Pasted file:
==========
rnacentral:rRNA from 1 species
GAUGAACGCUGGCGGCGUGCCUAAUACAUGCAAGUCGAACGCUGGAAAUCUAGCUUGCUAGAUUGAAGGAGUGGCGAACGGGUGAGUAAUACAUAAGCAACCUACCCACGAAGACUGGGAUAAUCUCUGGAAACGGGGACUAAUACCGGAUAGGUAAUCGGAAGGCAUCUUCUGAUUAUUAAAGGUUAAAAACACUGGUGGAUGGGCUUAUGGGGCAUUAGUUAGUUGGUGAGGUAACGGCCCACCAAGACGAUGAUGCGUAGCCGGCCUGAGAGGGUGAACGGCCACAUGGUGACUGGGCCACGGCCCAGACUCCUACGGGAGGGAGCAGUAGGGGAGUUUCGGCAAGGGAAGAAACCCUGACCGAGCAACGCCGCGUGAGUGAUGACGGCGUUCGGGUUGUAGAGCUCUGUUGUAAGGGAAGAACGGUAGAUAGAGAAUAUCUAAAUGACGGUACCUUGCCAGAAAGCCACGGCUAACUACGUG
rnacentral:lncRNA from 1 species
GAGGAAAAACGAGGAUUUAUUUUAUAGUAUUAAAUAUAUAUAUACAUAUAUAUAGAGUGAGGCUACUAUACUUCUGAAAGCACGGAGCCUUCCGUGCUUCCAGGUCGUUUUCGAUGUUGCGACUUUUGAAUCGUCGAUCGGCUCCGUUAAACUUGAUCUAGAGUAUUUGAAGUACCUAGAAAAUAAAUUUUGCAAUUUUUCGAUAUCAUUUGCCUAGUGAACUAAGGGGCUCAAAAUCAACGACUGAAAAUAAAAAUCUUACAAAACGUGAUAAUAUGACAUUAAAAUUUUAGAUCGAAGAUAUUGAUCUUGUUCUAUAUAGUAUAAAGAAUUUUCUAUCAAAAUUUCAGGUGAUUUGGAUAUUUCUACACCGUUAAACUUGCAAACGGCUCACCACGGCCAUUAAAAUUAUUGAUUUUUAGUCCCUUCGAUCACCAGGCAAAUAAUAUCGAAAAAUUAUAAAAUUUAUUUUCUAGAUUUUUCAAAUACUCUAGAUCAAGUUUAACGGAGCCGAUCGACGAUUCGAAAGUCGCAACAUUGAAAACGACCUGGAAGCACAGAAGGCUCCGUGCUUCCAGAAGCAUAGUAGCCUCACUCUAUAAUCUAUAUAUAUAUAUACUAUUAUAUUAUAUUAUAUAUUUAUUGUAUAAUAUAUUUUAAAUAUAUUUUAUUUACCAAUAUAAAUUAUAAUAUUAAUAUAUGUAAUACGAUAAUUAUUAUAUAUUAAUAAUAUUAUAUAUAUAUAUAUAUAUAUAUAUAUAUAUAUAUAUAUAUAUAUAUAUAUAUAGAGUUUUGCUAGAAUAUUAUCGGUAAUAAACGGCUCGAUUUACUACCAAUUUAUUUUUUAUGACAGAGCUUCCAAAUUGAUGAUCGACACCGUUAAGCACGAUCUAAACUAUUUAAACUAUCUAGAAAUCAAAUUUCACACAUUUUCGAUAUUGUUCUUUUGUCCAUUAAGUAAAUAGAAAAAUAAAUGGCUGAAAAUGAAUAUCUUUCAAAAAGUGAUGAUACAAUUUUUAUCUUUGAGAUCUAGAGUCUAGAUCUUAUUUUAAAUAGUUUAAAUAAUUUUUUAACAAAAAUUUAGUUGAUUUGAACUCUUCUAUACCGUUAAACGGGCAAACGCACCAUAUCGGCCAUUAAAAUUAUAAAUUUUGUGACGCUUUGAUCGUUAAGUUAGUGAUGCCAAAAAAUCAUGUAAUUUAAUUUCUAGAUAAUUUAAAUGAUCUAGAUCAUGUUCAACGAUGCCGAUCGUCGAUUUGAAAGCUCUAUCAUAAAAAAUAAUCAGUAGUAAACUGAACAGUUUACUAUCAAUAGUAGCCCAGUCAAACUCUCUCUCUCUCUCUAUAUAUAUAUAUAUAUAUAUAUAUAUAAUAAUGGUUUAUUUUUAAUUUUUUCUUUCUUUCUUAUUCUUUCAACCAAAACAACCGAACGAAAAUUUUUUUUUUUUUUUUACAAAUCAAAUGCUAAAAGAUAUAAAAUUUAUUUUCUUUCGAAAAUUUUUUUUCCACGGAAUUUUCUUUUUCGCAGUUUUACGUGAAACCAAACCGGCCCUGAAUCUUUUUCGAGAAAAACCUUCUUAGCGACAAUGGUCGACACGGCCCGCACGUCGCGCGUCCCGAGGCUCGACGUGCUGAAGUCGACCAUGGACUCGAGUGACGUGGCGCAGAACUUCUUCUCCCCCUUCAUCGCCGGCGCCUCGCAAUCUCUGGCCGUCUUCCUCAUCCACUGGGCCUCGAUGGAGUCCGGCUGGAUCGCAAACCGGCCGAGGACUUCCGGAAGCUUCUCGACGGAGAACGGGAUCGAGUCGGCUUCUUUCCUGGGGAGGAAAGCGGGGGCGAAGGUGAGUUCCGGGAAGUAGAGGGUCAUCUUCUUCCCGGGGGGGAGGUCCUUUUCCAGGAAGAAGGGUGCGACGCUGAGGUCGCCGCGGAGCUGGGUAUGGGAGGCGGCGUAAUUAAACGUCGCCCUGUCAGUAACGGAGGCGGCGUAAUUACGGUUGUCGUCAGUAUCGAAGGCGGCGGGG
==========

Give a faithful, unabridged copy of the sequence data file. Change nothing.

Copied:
rnacentral:rRNA from 1 species
GAUGAACGCUGGCGGCGUGCCUAAUACAUGCAAGUCGAACGCUGGAAAUCUAGCUUGCUAGAUUGAAGGAGUGGCGAACGGGUGAGUAAUACAUAAGCAACCUACCCACGAAGACUGGGAUAAUCUCUGGAAACGGGGACUAAUACCGGAUAGGUAAUCGGAAGGCAUCUUCUGAUUAUUAAAGGUUAAAAACACUGGUGGAUGGGCUUAUGGGGCAUUAGUUAGUUGGUGAGGUAACGGCCCACCAAGACGAUGAUGCGUAGCCGGCCUGAGAGGGUGAACGGCCACAUGGUGACUGGGCCACGGCCCAGACUCCUACGGGAGGGAGCAGUAGGGGAGUUUCGGCAAGGGAAGAAACCCUGACCGAGCAACGCCGCGUGAGUGAUGACGGCGUUCGGGUUGUAGAGCUCUGUUGUAAGGGAAGAACGGUAGAUAGAGAAUAUCUAAAUGACGGUACCUUGCCAGAAAGCCACGGCUAACUACGUG
rnacentral:lncRNA from 1 species
GAGGAAAAACGAGGAUUUAUUUUAUAGUAUUAAAUAUAUAUAUACAUAUAUAUAGAGUGAGGCUACUAUACUUCUGAAAGCACGGAGCCUUCCGUGCUUCCAGGUCGUUUUCGAUGUUGCGACUUUUGAAUCGUCGAUCGGCUCCGUUAAACUUGAUCUAGAGUAUUUGAAGUACCUAGAAAAUAAAUUUUGCAAUUUUUCGAUAUCAUUUGCCUAGUGAACUAAGGGGCUCAAAAUCAACGACUGAAAAUAAAAAUCUUACAAAACGUGAUAAUAUGACAUUAAAAUUUUAGAUCGAAGAUAUUGAUCUUGUUCUAUAUAGUAUAAAGAAUUUUCUAUCAAAAUUUCAGGUGAUUUGGAUAUUUCUACACCGUUAAACUUGCAAACGGCUCACCACGGCCAUUAAAAUUAUUGAUUUUUAGUCCCUUCGAUCACCAGGCAAAUAAUAUCGAAAAAUUAUAAAAUUUAUUUUCUAGAUUUUUCAAAUACUCUAGAUCAAGUUUAACGGAGCCGAUCGACGAUUCGAAAGUCGCAACAUUGAAAACGACCUGGAAGCACAGAAGGCUCCGUGCUUCCAGAAGCAUAGUAGCCUCACUCUAUAAUCUAUAUAUAUAUAUACUAUUAUAUUAUAUUAUAUAUUUAUUGUAUAAUAUAUUUUAAAUAUAUUUUAUUUACCAAUAUAAAUUAUAAUAUUAAUAUAUGUAAUACGAUAAUUAUUAUAUAUUAAUAAUAUUAUAUAUAUAUAUAUAUAUAUAUAUAUAUAUAUAUAUAUAUAUAUAUAUAUAUAGAGUUUUGCUAGAAUAUUAUCGGUAAUAAACGGCUCGAUUUACUACCAAUUUAUUUUUUAUGACAGAGCUUCCAAAUUGAUGAUCGACACCGUUAAGCACGAUCUAAACUAUUUAAACUAUCUAGAAAUCAAAUUUCACACAUUUUCGAUAUUGUUCUUUUGUCCAUUAAGUAAAUAGAAAAAUAAAUGGCUGAAAAUGAAUAUCUUUCAAAAAGUGAUGAUACAAUUUUUAUCUUUGAGAUCUAGAGUCUAGAUCUUAUUUUAAAUAGUUUAAAUAAUUUUUUAACAAAAAUUUAGUUGAUUUGAACUCUUCUAUACCGUUAAACGGGCAAACGCACCAUAUCGGCCAUUAAAAUUAUAAAUUUUGUGACGCUUUGAUCGUUAAGUUAGUGAUGCCAAAAAAUCAUGUAAUUUAAUUUCUAGAUAAUUUAAAUGAUCUAGAUCAUGUUCAACGAUGCCGAUCGUCGAUUUGAAAGCUCUAUCAUAAAAAAUAAUCAGUAGUAAACUGAACAGUUUACUAUCAAUAGUAGCCCAGUCAAACUCUCUCUCUCUCUCUAUAUAUAUAUAUAUAUAUAUAUAUAUAAUAAUGGUUUAUUUUUAAUUUUUUCUUUCUUUCUUAUUCUUUCAACCAAAACAACCGAACGAAAAUUUUUUUUUUUUUUUUACAAAUCAAAUGCUAAAAGAUAUAAAAUUUAUUUUCUUUCGAAAAUUUUUUUUCCACGGAAUUUUCUUUUUCGCAGUUUUACGUGAAACCAAACCGGCCCUGAAUCUUUUUCGAGAAAAACCUUCUUAGCGACAAUGGUCGACACGGCCCGCACGUCGCGCGUCCCGAGGCUCGACGUGCUGAAGUCGACCAUGGACUCGAGUGACGUGGCGCAGAACUUCUUCUCCCCCUUCAUCGCCGGCGCCUCGCAAUCUCUGGCCGUCUUCCUCAUCCACUGGGCCUCGAUGGAGUCCGGCUGGAUCGCAAACCGGCCGAGGACUUCCGGAAGCUUCUCGACGGAGAACGGGAUCGAGUCGGCUUCUUUCCUGGGGAGGAAAGCGGGGGCGAAGGUGAGUUCCGGGAAGUAGAGGGUCAUCUUCUUCCCGGGGGGGAGGUCCUUUUCCAGGAAGAAGGGUGCGACGCUGAGGUCGCCGCGGAGCUGGGUAUGGGAGGCGGCGUAAUUAAACGUCGCCCUGUCAGUAACGGAGGCGGCGUAAUUACGGUUGUCGUCAGUAUCGAAGGCGGCGGGG